No. 265.
Mr. Boker to Mr. Fish.

No. 111.]

Sir: I have the honor to inclose herewith two copies of an article from the Journal de t. Petersburg, with a translation of the same, giving a synopsis of the principal provisions for levying troops in Russia, under the law of compulsory military service.

I have, &c.,

[From the Journal de St. Petersburg, November 21 (December 3), 1876.]

The Bulletin des Lois publishes the regulation for the troops sanctioned by the Emperor 30th October, 1876. It comprises 42 chapters. These are the principal provisions:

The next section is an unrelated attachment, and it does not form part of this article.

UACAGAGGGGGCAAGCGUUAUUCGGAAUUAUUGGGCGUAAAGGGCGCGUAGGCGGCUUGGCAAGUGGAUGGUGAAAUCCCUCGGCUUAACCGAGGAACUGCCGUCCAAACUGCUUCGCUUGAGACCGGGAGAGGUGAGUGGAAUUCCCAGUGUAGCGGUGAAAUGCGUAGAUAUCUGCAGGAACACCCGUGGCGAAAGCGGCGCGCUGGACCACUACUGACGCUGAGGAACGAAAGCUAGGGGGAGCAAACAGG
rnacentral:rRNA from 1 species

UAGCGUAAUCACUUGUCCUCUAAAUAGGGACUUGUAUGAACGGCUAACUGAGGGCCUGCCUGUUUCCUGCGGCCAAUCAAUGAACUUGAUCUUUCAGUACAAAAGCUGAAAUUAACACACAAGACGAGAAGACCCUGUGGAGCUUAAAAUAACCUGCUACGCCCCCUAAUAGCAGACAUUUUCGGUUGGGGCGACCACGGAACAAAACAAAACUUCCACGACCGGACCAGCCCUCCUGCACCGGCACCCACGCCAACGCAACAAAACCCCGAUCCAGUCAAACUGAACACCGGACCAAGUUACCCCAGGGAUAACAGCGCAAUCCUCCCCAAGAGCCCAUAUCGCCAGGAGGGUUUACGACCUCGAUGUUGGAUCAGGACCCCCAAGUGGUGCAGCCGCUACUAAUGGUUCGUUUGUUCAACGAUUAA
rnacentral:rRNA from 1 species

In levying troops (article 5 of the law of compulsory military service) the individuals registered are called into service according to categories of ages, commencing with the youngest, and in each of these categories in the order of numbers drawn by lot in the conscription. The same method is used in calling out troops of the first ban destined to re-enforce the standing army. Individuals registered as liberés (free) of the reserve of the army and navy will be taken in the first, second, third, and fourth ban of troops, according to the length of their absences after discharge, namely, those whose absences have been of less than a year’s duration in the first ban, of one to two years in the second, two to three years in the third, and of more than three years (if the individual should be under the age of forty years) for the fourth. The number of men necessary to constitute the different portions is decided by imperial order. The calls for re-enforcement of the standing army are determined by an ukase to the directing senate. [Page 465] The duty of dividing the levy among the governments belongs to the minister of war, and of the subdivisions of the levy of each government or province to the recruiting commission of such governments or provinces. In case of a call for troops each person holding a certificate of military registration must present himself to the subdivision from which he received it. Exemptions from service embrace those persons designated in article 24 of the regulations for compulsory military service, as well as teachers in educational establishments. (Article 63, p. 3, of said regulations.)